Who would grasp Russia with the mind?
For her no yardstick was created:
Her soul is of a special kind,
By faith alone appreciated.
This short poem, which Tyutchev penned in 1866, is one that every Russian knows by heart. It is hard to imagine a more comprehensive and clear definition of the essence of Russia or a more accurate key to the mysterious Russian soul. There is a widely held opinion that Russia does not belong either to Europe or Asia and that it has its own path.
Munich, 1840. From the collection of Tyutchev's Museum-Reserve "Muranovo"Sputnik
Tyutchev belonged to an old aristocratic family and was born at his family estate of Ovstug in the Bryansk Region. He received an excellent education at home, knew Ancient Greek, Latin and several modern European languages. As a young man, he already translated odes by Horace.
After university, Tyutchev joined the diplomatic service and was sent on a posting to Munich. There he became friends with Heinrich Heine and was the first to translate the German poet's works into Russian. He also translated poems by Goethe and Schiller, as well as by Byron and Hugo. Many of Tyutchev's translations are still recognized as canonical by Russian philologists.
Heinrich HeineGetty Images
In Germany, the poet was known as something of a ladies' man. It was there that he married a local woman, Eleanor Peterson, who bore him three daughters. All of them later became ladies-in-waiting to the Russian imperial family. Incidentally, some of Tyutchev's most famous poems "I love a thunderstorm in early May," and "Winter’s spite is vain...", which many Russians lovingly quote looking out of their windows, were in fact written in Germany and inspired by the local nature and climate.
Ippolita von Rechberg. Portrait of Fyodor Tyutchev, 1838Tyutchev's Museum-Reserve "Muranovo"
The style of Tyutchev's early poems was not unlike that of the complex archaic poetry of the 18th century. In form, those poems were similar to odes, in which he addressed an interlocutor, appealing to something. In 1820, Tyutchev developed his own theory about the purpose of poetry. He expressed it in a poem that he wrote in response to the ode, "Liberty," by Alexander Pushkin, for which the latter had been sent into exile. According to Tyutchev, the purpose of poetry lay not in criticizing the tsar or denouncing vices:
With your magical chord,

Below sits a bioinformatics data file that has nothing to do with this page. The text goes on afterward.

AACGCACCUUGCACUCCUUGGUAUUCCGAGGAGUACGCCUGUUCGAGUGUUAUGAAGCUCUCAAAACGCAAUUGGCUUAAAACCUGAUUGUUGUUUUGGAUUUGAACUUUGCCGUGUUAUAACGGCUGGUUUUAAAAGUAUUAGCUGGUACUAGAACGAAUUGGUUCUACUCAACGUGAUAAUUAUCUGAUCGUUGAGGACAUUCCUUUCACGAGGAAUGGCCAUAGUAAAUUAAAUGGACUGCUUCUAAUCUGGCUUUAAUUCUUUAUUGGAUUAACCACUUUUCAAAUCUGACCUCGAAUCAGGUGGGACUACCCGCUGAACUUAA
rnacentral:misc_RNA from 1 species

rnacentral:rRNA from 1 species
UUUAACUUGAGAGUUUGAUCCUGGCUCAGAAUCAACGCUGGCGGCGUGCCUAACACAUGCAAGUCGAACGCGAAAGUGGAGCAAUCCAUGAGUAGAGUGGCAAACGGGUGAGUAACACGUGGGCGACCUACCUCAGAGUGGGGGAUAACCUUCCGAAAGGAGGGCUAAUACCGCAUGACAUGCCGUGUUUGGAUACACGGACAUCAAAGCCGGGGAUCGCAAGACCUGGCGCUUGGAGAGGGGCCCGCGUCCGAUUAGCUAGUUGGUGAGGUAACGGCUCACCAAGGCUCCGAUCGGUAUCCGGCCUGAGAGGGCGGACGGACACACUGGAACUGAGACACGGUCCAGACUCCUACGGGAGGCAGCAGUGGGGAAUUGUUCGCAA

Soften hearts instead of troubling them!
Starting in the 1830s, Tyutchev's poetry began to resemble that of the Romantics: he was clearly under the influence of German poets. His poems were often short and precise, each addressing a specific topic.
One of his favorite subjects was a human being's dialogue with the universe. Personas in his poems often found themselves alone with the sky and the stars, and realized their own insignificance in comparison with eternity.
There are many small and nameless
Constellations in the sky above,
To our weak and misty eyes,
They are out of reach…
However, in his later years, Tyutchev's rhetoric underwent a complete transformation. After an almost 10-year break from poetry, he began writing again in the 1850s, this time mostly political verses. Tyutchev contemplated Russia's fate, responded to attacks from the West and extolled his homeland's lonely opposition against the rest of the world. The poem, "Who would grasp Russia with the mind?", belonged to that period.
Stepan Aleksandrovsky. Portrait of Fyodor Tyutchev, 1876Tretyakov Gallery
Tyutchev returned to Russia in 1844 and continued to serve in the Ministry of Foreign Affairs, overseeing its censorship division. During this time, he wrote many essays and opinion pieces, including in foreign languages. He analyzed Russia's relations with the West and expressed the idea that the Slavic peoples should unite, with Russia at their head.
Tyutchev wrote a report, "On Censorship in Russia," addressing it to the minister of foreign affairs, Prince Alexander Gorchakov (who was a fellow student of Pushkin's at the famous Tsarskoye Selo Lyceum). Concerned about the unrest in Europe, Tyutchev believed that the press should be handled with care, that it can be used to express the position of the state. At the same time, he did not advocate indiscriminate restrictions, instead urging the state to act as a parent educating the minds of immature adolescents.
"Censorship alone, no matter how it works, is unable to meet the requirements of the current state of affairs. Censorship serves as a restriction, not as a guide. Whereas in literature, as in everywhere else here, we should be thinking not of suppression but of guidance."
Emperor Nicholas I personally authorized Tyutchev to appear in the Western press, supporting Russia's positive image in the West.
Isaac Levitan. Over Eternal QuietTretyakov Gallery
Shocked by the European revolutions of 1848-49, Tyutchev wrote a treatise, “Russia and the Revolution,” where he described the sorry state that France, Germany, and Austria found themselves in after uprisings and revolutions. He also reflected on the nature of the Russian people, concluding that revolution was alien to them.
“First of all, Russia is a Christian state, and the Russian people are a Christian nation not only because of their Orthodox faith, but also because of something even more heart-felt.” The poet argued that readiness for self-sacrifice was in Russians' blood. Whereas a revolution was contrary to Christianity and moral norms, and therefore presented no risks for Russians.
Tyutchev considered tsarist autocracy to be the path drawn for Russia by God. The poet died in 1873, so he did not live to see either the 1881 assassination of Emperor Alexander II by revolutionary terrorists or the first Russian revolution of the 20th century.
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